Ok, I’m bad at time management and have waited until the last minute to pack for a ten day trip that I leave for tomorrow(should still be able to update), and I have almost no time left in my day. So today’s album review going live depends on me not looking at something incredibly dense like The King of Limbs.
So thank God and cheap booze for Boston’s Celtic punks the Dropkick Murphys releasing Going Out In Style this week. Dropkick’s a pretty reliable band; any new release of theirs is going to be a blast of blue collar punk rock with thrilling Celtic elements. You might even get a hilarious cover of a traditional Irish song in the mix. And dammit, the album is going to be fun.
Going Out In Style doesn’t do a damn thing to change this up. The singular change from 2007’s The Meanest of Times is that Going Out In Style is a concept record, but that’s only really informed from linear notes (including the obituary of our protagonist, Cornelius Larkin). Before you get worried over Dropkick Murphys doing a concept record, Cornelius is something of an allegory for the band and their folklore, so we’re still in prime Dropkick territory.
And that’s a great place to be. Opener “Hang’em High” is a great setup for the title track. “Going Out In Style” surges with drunken jubilant celebration (oh yeah, and a guest appearance by Fat Mike), and is sure to find its way on St. Patrick’s Day playlists the world over. The boys go freewheeling through “The Hardest Mile”, too, before kicking down a gear with “Cruel” (although the results are still great).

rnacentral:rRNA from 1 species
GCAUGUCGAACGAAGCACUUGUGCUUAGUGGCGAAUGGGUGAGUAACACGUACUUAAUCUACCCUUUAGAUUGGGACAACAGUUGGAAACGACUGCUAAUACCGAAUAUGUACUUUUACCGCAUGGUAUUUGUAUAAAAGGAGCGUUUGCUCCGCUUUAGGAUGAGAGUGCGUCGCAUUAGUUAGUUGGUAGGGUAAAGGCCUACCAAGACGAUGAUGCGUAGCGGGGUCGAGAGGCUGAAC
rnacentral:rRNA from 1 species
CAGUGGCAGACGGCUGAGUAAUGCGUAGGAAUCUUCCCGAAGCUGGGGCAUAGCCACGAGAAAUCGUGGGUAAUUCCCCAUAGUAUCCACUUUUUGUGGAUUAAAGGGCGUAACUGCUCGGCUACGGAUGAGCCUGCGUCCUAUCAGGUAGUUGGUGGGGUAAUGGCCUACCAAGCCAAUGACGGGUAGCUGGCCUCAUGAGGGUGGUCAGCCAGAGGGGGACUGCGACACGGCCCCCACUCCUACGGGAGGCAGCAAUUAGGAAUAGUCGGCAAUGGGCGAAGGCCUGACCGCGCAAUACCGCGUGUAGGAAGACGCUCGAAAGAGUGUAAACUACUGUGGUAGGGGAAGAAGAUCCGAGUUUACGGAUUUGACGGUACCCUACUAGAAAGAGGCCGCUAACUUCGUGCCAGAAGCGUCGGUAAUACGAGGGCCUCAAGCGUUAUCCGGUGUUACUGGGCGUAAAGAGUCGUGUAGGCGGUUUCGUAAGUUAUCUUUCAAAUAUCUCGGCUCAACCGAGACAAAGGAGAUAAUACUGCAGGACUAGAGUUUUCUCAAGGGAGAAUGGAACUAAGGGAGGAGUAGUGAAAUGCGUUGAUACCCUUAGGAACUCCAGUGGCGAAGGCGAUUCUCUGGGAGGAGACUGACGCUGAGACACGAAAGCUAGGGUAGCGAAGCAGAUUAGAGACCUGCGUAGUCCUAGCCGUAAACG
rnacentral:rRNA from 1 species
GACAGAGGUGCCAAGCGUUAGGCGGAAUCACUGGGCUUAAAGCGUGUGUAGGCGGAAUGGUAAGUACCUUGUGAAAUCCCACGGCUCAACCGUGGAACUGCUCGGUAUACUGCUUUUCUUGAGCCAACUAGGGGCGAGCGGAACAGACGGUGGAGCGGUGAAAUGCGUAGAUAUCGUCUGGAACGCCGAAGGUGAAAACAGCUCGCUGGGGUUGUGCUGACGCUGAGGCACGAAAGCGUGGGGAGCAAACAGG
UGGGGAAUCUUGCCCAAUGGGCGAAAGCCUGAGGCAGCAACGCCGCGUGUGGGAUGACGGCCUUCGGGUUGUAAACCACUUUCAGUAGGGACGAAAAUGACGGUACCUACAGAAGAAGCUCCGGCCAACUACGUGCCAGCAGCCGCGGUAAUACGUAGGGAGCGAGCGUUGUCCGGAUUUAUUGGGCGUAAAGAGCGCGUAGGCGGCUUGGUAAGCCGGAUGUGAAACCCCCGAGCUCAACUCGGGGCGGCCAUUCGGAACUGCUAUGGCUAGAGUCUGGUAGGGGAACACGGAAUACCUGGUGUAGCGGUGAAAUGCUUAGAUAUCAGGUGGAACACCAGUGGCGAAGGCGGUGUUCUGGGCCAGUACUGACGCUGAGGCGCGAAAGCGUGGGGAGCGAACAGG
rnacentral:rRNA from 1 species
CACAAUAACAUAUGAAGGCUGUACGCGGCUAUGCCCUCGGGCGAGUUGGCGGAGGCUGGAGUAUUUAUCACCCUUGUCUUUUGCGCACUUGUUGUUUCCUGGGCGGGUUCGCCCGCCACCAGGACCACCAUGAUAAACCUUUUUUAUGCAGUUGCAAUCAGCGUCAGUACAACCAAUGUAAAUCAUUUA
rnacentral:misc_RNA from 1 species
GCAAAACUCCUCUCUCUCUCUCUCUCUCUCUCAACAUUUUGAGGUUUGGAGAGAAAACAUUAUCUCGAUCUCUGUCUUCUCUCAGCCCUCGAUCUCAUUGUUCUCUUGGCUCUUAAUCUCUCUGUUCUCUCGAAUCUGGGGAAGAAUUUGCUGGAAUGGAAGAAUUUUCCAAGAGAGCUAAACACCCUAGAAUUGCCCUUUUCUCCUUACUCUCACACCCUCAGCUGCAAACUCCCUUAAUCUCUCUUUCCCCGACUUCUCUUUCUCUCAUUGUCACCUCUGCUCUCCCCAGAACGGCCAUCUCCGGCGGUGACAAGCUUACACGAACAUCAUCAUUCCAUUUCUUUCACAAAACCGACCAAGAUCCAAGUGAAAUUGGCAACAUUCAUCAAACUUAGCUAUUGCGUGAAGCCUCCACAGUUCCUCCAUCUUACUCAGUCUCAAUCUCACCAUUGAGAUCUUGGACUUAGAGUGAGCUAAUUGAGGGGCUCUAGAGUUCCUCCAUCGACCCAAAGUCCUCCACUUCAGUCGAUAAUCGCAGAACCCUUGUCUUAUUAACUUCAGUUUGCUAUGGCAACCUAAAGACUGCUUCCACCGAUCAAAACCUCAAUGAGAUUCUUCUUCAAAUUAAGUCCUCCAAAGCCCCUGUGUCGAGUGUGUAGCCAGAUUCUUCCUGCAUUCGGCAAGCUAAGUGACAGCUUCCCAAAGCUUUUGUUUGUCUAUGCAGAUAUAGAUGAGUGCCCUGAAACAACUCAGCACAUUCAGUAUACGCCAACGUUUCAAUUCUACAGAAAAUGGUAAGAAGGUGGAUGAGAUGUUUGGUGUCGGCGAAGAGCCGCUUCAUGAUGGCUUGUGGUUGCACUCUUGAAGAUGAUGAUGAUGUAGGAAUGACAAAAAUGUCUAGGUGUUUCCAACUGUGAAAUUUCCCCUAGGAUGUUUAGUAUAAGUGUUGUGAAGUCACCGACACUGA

Civil War story “Broken Hymns” shows some surprising lyrical depth and a solemn pace, begging for lighter to go in the air. The acoustics on that song come back for “Take’Em Down”, a homage to The Clash if I ever heard one. If the band wasn’t so instrumentally solid, “Take’Em Down” would fall flat, but here it’s a great blue collar drinkin’ song.
Bruce Springsteen, The Boss himself, appears on the ramped up traditional cover (I called it!) “Peg O’ My Heart”, sounding more youthful and carefree than he has in years. Between “Peg O’ My Heart” and “The Irish Rover”, Going Out In Style closes on the same raucous, shout-along-I-dare-ya note that it began on.
There’s albums to mope about, and then there’s Going Out In Style, an album that pulls you in with one of its many hooks and never lets go. Ken Casey, Al Barr, and the rest of the bunch knock their way through somber tunes and electrified punk outs with an unseen tenacity. It’s fun, energetic, and one of my first favorite albums of the year. It’s even a notch about the usual Dropkick standard, four stars out of five.
tl;dr: St. Patty’s Day came early, four of five stars.